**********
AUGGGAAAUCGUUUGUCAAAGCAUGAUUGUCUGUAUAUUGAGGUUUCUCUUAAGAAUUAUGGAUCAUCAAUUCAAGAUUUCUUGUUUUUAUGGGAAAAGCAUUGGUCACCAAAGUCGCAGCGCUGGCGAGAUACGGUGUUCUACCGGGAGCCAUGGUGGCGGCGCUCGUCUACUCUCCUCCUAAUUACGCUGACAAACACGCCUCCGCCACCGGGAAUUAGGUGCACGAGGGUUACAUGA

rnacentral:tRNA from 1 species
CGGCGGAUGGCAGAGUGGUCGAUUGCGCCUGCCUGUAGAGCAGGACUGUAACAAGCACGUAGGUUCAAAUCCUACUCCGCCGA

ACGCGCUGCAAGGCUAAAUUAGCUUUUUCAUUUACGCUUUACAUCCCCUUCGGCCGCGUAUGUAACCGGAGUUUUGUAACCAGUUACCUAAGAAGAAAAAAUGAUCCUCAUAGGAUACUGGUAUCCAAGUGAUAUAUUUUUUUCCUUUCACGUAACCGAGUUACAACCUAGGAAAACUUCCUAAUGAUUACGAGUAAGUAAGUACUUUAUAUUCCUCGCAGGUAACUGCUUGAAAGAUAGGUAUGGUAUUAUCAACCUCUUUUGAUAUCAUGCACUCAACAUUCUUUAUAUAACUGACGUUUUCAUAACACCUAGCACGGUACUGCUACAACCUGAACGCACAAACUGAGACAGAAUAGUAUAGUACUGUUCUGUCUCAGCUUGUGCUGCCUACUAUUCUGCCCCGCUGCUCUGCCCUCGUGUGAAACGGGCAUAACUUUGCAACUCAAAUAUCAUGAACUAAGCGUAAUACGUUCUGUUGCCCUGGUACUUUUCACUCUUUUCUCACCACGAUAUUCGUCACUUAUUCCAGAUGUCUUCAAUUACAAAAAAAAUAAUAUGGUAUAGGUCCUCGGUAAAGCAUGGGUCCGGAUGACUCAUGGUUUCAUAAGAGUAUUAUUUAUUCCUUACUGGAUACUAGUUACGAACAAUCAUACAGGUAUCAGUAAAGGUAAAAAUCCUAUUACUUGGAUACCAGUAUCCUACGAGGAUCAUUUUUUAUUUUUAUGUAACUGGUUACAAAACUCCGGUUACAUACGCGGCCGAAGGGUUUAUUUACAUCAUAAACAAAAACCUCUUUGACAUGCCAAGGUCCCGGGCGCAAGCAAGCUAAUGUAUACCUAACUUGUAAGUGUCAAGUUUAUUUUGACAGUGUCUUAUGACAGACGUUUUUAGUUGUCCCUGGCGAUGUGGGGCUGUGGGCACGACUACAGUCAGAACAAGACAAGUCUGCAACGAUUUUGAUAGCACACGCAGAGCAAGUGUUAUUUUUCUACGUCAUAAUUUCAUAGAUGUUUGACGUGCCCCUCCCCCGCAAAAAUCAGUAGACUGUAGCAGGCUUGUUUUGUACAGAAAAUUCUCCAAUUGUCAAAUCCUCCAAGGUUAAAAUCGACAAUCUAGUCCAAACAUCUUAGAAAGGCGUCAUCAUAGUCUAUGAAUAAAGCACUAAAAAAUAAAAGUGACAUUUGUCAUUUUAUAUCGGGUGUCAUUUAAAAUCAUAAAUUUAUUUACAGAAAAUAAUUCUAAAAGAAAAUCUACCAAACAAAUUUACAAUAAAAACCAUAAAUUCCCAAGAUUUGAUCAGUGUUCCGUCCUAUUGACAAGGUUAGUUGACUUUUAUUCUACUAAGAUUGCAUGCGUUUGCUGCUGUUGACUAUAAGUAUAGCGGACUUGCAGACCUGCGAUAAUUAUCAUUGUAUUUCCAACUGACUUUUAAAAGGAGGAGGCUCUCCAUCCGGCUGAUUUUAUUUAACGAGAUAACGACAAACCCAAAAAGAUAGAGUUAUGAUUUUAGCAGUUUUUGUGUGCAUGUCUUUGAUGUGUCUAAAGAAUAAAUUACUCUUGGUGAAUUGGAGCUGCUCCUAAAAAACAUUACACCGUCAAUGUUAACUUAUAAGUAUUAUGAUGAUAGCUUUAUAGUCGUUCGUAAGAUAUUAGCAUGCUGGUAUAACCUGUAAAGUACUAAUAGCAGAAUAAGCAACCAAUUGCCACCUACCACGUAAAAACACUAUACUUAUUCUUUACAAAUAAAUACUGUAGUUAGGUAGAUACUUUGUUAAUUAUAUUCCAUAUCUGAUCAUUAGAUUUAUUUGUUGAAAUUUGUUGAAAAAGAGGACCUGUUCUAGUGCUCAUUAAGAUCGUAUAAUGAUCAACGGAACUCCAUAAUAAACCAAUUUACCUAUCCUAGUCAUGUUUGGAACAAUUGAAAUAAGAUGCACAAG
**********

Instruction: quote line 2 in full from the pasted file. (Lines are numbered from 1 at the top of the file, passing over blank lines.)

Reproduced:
rnacentral:tRNA from 1 species